Alcaftadine superior in reducing itching from grass, tree pollens
Take-home message: Alcaftadine ophthalmic solution 0.25% (Lastacaft, Allergan) displayed superior efficacy in a comparison with olopatadine hydrochloride ophthalmic solution 0.2% (Pataday, Alcon). At both 16 and 24 hours after dosing, patients who had received alcaftadine reported greater reductions in ocular itching.
Boston–Alcaftadine ophthalmic solution 0.25% (Lastacaft, Allergan) was superior to olopatadine hydrochloride ophthalmic solution 0.2% (Pataday, Alcon) in reducing the itching related to grass and tree pollens in a multicenter, randomized study in subjects with allergic conjunctivitis.
Alcaftadine was significantly more effective than olopatadine in reducing the itching caused by grass pollen at 16 hours after dosing, and for tree pollen at 24 hours after dosing.
The investigators were interested in identifying efficacy subgroups for the two drugs, based on animal studies suggesting that alcaftadine 0.25% stabilizes epithelial tight junctions better than olopatadine 0.1%.1 They were especially interested in seasonal allergies since these are the most frequent complaint of allergic patients who come to physicians looking for treatments.
One of the investigators, Joseph B. Ciolino, MD, a specialist in corneal and external diseases, Massachusetts Eye and Ear Infirmary, Harvard University, referenced the 2011 study by Ono and Lane, which concluded that alcaftadine reduced conjunctival eosinophil recruitment and had a protective effect on epithelial tight junction protein expression. Given the Ono study findings, Dr. Ciolino hypothesized that alcaftadine may decrease allergen load to antibody receptor sites in resident and mast cells, which may explain why alcaftadine might have had greater efficacy than olopatadine 0.2% for some allergen sensitivities.
The double-masked, randomized, placebo- and active-controlled trial was conducted at 5 centers, enrolling 111 subjects: 95 had allergen sensitivities to grasses and 16 to trees. After undergoing two conjunctival allergen challenges (CAC), subjects were randomized to receive 1 drop of alcaftadine or olopatadine.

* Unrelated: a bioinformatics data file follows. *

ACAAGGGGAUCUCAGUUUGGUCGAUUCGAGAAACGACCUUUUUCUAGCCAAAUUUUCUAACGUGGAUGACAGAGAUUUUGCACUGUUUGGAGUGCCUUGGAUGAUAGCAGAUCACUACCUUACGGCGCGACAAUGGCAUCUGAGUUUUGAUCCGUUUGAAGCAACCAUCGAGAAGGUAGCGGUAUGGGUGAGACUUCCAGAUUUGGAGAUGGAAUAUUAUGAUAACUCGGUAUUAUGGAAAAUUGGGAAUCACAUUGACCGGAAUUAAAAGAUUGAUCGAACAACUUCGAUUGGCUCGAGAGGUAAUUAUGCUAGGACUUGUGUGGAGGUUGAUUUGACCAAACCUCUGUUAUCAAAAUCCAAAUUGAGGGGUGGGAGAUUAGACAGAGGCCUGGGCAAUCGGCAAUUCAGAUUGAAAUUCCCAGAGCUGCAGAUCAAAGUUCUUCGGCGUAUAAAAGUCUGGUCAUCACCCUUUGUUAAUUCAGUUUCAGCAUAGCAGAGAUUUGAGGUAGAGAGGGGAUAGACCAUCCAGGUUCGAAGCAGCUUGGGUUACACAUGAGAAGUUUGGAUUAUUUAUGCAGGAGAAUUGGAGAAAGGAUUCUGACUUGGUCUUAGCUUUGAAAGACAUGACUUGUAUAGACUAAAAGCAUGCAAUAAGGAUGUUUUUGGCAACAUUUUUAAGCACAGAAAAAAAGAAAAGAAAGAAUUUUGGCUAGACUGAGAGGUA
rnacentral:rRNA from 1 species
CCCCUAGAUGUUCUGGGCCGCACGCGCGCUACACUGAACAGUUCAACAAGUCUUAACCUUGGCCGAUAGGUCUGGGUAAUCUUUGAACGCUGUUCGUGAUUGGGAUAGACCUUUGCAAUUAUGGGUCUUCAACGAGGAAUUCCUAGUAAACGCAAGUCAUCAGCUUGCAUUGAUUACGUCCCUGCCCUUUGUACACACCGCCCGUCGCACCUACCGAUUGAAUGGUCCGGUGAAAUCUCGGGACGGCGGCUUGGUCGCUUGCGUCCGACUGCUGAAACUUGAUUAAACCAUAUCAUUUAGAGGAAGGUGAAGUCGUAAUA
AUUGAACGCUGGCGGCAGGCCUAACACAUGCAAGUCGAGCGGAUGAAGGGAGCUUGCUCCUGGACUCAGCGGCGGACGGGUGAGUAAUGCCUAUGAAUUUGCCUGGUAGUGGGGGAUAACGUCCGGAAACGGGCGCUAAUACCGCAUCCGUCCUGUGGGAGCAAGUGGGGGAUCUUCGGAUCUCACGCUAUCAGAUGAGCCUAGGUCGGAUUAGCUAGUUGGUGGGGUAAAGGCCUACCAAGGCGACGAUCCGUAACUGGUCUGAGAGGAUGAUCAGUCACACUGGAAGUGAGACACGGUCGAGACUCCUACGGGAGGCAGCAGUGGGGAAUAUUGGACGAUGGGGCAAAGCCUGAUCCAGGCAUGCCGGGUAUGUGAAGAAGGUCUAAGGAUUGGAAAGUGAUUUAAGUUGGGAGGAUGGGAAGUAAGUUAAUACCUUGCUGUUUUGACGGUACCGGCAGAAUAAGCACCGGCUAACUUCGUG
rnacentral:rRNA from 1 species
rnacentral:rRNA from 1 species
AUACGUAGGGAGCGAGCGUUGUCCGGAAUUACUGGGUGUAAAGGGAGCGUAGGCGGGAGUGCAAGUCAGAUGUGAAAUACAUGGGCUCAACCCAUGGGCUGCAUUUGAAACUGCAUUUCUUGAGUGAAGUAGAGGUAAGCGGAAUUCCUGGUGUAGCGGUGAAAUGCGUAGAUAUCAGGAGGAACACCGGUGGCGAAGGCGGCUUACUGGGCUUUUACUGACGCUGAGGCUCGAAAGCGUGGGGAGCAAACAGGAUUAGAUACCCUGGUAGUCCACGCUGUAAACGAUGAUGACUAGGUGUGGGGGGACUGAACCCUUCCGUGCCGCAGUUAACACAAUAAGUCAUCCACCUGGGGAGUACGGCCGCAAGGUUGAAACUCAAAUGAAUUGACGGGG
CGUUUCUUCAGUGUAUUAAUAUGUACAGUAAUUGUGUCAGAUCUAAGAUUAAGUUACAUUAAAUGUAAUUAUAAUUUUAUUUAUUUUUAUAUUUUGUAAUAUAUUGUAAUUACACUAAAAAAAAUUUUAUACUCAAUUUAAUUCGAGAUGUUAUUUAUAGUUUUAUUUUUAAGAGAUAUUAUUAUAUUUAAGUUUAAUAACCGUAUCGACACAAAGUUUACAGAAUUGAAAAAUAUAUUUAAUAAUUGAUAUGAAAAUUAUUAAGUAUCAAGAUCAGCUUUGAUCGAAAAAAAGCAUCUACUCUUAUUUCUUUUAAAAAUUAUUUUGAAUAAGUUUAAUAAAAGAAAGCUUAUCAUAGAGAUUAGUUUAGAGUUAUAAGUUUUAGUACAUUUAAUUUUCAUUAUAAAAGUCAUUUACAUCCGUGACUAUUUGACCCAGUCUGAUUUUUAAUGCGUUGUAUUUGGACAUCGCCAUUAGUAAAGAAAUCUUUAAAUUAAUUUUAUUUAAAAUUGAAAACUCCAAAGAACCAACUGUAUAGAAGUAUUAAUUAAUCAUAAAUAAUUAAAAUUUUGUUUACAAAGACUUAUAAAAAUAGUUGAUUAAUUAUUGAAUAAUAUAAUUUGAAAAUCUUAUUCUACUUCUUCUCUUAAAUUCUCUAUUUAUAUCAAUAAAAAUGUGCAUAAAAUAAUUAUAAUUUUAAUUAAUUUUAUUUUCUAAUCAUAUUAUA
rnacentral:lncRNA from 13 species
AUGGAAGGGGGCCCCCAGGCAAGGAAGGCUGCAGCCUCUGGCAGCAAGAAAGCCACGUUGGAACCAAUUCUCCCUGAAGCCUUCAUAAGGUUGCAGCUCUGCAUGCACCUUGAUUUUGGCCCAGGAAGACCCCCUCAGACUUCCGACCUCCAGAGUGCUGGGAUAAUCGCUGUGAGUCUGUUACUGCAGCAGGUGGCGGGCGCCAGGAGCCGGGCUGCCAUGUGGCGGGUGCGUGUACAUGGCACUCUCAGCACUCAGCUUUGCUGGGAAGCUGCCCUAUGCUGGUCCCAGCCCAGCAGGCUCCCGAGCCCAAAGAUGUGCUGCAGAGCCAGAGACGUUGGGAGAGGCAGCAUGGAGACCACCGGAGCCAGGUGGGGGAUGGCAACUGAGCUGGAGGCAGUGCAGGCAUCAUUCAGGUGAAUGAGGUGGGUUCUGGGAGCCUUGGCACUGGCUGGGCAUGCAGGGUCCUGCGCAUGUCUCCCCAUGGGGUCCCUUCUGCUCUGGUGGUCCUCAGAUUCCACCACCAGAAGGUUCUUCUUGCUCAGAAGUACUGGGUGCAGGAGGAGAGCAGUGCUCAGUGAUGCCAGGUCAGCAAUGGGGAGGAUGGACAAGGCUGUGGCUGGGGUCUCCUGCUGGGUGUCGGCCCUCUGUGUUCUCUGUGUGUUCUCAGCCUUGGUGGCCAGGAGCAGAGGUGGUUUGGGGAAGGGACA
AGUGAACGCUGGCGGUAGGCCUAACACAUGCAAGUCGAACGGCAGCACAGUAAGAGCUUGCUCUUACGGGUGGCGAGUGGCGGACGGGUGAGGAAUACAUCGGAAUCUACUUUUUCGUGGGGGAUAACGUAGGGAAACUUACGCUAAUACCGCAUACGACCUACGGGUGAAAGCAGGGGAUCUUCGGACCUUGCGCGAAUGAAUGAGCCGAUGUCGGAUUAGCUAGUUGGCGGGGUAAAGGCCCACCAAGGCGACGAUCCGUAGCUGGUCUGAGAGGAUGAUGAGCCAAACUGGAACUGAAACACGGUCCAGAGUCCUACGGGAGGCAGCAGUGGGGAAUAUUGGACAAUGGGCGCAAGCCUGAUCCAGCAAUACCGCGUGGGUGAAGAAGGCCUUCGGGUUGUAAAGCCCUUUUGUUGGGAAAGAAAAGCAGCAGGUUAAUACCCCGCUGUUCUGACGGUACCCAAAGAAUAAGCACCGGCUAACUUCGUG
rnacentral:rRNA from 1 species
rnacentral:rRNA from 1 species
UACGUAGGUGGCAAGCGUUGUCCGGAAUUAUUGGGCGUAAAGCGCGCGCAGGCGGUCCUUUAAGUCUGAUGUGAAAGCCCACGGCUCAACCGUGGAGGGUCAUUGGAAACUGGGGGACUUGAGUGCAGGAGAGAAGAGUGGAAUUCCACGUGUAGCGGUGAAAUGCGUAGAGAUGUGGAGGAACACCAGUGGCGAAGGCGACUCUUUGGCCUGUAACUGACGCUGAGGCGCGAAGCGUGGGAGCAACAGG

Sixteen hours after dosing, they were challenged with the allergen dose determined on the second CAC visit. Subjects assessed their itching at 3, 5, and 7 minutes after the challenge and lid swelling and tearing at 7, 15, and 20 minutes after challenge.
An investigator assessed redness and chemosis at 7, 15, and 20 minutes. In another study, subjects were challenged and these assessments were repeated 24 hours after dosing with the drugs.
The earliest time point, 3 minutes post-CAC, is the most important, Dr. Ciolino said, since at this time point, histamine is at its highest concentration in the tissue, and patients are likely to immediately rub their eyes, which then triggers additional histamine release.
In grass-allergic subjects 16 hours after the dose of anti-allergy medication, results at 3 minutes post-CAC showed that alcaftadine (mean itching score of 0.52) was superior to olopatadine (mean itching score of 0.95 [p=0.011]).
“At the early time point, the change from baseline itching was -2.2 for alcaftadine versus -1.5 for olopatadine (p=0.003), corresponding to an 80% decrease in baseline itching in subjects treated with alcaftadine, compared with a 60% decrease in baseline thing in subjects treated with olopatadine (p=0.005),” Dr. Ciolino said.